Honor the Dead
February 09, 2015
Filed In: Family Life
Today is the 12th anniversary of my maternal Grandfather's death. It’s a special day for me because I had the privilege of being with him when he died. Growing up, I didn’t have much time to spend with my paternal grandparents, both having died by the time that I was in 2nd grade. I was fortunate to have most of my childhood with my maternal grandparents. My mom's dad died when I was in 8th grade and my mom's mother died when I was in college, but developed dementia starting shortly after my grandfather had died. I really looked up to, and still do, my mom's parents. I treasure the memories that we made together. In fact, many of the crafts that I made with my grandparents can be found in Benedict’s room.
I’m very grateful to have had a positive experience with my grandfather's death. He became sick very quickly and was hospitalized on life support for a few days. While life support generally indicates that a person’s life is close to the end, it does lend the benefit of allowing family to better anticipate when someone will die. So, when the decision was made to withdraw life support, all of our family had time to fly in and say our final goodbyes. A priest from the local parish came that evening and administered the Sacrament of Anointing of the Sick and we all prayed together. Afterwards, my parents let me stay at the hospital with 3 other family members and we prayed with him through the night, though he was heavily sedated. I was honored to be with him in his last moments in a very beautiful testament to life.
All of my maternal ancestors are buried in the same cemetery plot in our ancestral hometown. I think it’s kind of fun to walk amongst the graves and learn about each person. In fact, I have a plot there myself. Each Spring, a contingent of my family goes to the cemetery to plant flowers on our family's graves. Although the local parish handles all of the lawn maintenance, planting flowers is a nice tradition that honors the memory of our family who has gone before us. This past year was particularly special because we were all in town for my great aunt's birthday. As a part of the festivities, all of my mom’s siblings went to the cemetery to carry on the tradition.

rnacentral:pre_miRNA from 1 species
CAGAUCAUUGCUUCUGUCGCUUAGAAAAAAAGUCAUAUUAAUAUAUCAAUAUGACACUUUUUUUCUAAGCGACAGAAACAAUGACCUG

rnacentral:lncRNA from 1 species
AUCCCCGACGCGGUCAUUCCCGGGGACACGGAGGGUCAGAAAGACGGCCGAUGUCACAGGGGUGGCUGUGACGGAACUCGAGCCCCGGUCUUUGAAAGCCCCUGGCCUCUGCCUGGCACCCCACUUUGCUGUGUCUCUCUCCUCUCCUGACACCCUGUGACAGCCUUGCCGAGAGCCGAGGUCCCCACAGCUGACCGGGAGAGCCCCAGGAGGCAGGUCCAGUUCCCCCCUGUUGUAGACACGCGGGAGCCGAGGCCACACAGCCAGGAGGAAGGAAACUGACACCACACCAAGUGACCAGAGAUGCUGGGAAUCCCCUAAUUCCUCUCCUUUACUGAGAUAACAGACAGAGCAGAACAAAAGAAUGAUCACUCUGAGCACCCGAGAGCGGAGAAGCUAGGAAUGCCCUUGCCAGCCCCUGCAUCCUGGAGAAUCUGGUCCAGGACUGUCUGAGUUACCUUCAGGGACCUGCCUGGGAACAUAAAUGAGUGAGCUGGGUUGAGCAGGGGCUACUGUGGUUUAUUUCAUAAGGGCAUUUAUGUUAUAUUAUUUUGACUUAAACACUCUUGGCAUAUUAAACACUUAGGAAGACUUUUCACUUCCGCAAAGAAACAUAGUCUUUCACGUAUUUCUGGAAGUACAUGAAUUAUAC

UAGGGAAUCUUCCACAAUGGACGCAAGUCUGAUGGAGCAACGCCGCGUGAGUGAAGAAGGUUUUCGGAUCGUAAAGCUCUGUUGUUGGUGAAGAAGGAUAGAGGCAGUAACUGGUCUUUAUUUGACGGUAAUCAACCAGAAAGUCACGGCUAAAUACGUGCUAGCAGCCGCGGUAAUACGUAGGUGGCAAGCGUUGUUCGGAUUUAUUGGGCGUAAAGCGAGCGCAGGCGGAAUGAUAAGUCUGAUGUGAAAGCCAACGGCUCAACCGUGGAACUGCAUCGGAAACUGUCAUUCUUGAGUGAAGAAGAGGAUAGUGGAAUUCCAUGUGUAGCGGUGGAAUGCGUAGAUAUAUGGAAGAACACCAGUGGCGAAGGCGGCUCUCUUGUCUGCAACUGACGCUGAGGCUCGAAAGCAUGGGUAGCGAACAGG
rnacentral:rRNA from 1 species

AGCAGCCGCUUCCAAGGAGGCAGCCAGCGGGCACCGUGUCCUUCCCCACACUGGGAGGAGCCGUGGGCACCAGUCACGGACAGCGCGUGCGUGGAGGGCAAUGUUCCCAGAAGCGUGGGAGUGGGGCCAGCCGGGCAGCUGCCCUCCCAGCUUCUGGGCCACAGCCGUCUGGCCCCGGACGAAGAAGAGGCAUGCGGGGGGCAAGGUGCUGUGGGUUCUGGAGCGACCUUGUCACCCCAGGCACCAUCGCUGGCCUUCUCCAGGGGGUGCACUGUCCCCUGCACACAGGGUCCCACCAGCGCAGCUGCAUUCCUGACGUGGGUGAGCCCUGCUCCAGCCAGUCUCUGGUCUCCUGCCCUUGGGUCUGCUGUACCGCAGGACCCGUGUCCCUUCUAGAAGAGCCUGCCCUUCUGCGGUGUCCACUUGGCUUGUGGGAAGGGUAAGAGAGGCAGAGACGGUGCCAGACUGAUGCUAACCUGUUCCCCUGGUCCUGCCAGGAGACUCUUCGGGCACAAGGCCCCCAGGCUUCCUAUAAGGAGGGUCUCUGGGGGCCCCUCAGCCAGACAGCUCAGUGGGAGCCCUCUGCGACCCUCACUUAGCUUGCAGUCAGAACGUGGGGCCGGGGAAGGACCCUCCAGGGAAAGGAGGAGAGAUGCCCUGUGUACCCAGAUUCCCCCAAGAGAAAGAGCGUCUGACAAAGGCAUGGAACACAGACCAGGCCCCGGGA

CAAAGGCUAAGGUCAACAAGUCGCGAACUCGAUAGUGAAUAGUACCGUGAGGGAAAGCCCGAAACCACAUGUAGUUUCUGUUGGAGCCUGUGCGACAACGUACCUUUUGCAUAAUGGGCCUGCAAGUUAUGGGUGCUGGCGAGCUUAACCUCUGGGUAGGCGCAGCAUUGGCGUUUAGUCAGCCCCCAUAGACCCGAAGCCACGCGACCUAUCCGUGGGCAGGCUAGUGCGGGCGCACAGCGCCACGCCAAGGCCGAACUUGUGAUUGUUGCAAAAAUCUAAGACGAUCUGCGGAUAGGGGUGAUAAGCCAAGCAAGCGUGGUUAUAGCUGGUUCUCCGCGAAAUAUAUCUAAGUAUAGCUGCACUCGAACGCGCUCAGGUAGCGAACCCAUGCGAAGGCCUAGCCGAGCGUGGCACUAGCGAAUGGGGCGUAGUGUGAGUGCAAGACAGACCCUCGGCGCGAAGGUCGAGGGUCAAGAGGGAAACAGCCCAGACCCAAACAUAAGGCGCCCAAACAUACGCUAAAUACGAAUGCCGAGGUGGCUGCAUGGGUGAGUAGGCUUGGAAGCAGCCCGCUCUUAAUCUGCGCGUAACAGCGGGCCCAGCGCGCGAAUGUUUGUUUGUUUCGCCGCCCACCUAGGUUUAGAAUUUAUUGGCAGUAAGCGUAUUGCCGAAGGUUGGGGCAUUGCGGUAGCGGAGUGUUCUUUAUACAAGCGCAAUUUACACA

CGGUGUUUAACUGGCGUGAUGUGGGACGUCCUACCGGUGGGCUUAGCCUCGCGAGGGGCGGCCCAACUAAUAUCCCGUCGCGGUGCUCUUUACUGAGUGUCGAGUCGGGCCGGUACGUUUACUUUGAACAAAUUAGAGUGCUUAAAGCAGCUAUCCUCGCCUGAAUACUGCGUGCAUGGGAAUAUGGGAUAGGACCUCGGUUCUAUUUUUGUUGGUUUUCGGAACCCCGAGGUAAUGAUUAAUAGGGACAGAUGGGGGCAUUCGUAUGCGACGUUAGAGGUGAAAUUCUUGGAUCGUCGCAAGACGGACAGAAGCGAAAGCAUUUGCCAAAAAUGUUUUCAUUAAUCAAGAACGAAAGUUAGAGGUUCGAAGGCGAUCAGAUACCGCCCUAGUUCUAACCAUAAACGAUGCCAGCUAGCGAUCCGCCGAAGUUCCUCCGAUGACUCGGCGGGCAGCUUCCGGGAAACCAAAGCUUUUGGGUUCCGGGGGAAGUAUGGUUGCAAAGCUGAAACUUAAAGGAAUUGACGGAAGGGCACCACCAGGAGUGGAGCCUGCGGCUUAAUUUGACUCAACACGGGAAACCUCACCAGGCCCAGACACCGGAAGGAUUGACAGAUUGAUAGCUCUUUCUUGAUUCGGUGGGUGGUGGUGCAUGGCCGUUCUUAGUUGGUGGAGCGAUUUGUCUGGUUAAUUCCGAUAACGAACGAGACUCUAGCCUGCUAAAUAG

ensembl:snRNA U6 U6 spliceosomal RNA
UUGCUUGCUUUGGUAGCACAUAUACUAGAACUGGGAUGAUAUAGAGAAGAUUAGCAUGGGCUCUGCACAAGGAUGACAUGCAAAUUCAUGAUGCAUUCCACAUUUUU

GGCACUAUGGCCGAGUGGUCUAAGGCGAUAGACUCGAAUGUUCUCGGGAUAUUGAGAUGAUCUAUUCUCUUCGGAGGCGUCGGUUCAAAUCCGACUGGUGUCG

We’re constantly confronted with the reality of death. While the absence of a loved one is indeed very difficult to cope with, it speaks volumes of the strength of our human relationships. We’re so connected to one another that the absence of someone in our lives is deeply impactful. It's difficult to cope with the loss of a loved one. No longer having their presence is felt for a very long time, sometimes even every day for the rest of our own lives.
It's important to be constantly praying to and for those who have died. Since I'm not the Pope, I'm unable to declare that any of my grandparents are in Heaven. They certainly lived virtuous lives and were models of holiness for me, but I do not know the mind of God and so I'm unable to know with certainty where they are. God is outside of time, so there's no way of knowing if someone is in Purgatory, or how long they'd be there in terms of our sense of time.
In the days and weeks after someone dies, it's our human nature to use phrases such as, "They're in a better place" or "They're in Heaven now" as ways of both coping or comforting. Though difficult to say, saying things like that are dangerous. I know that when I die, the last thing I want is for people to think that they don't have to pray for me! Prayers can shorten one's stay in Purgatory and, if I'm there, I'd be looking for a quick exit and any and all prayers would be greatly appreciated.
The great beauty of our Church is the connectedness of souls through the Communion of Saints. It's a beautiful thing that they are able to intercede for us, and that we're able to intercede for them. Let's be diligent in praying for our loved ones both here in this life and those who have passed from it.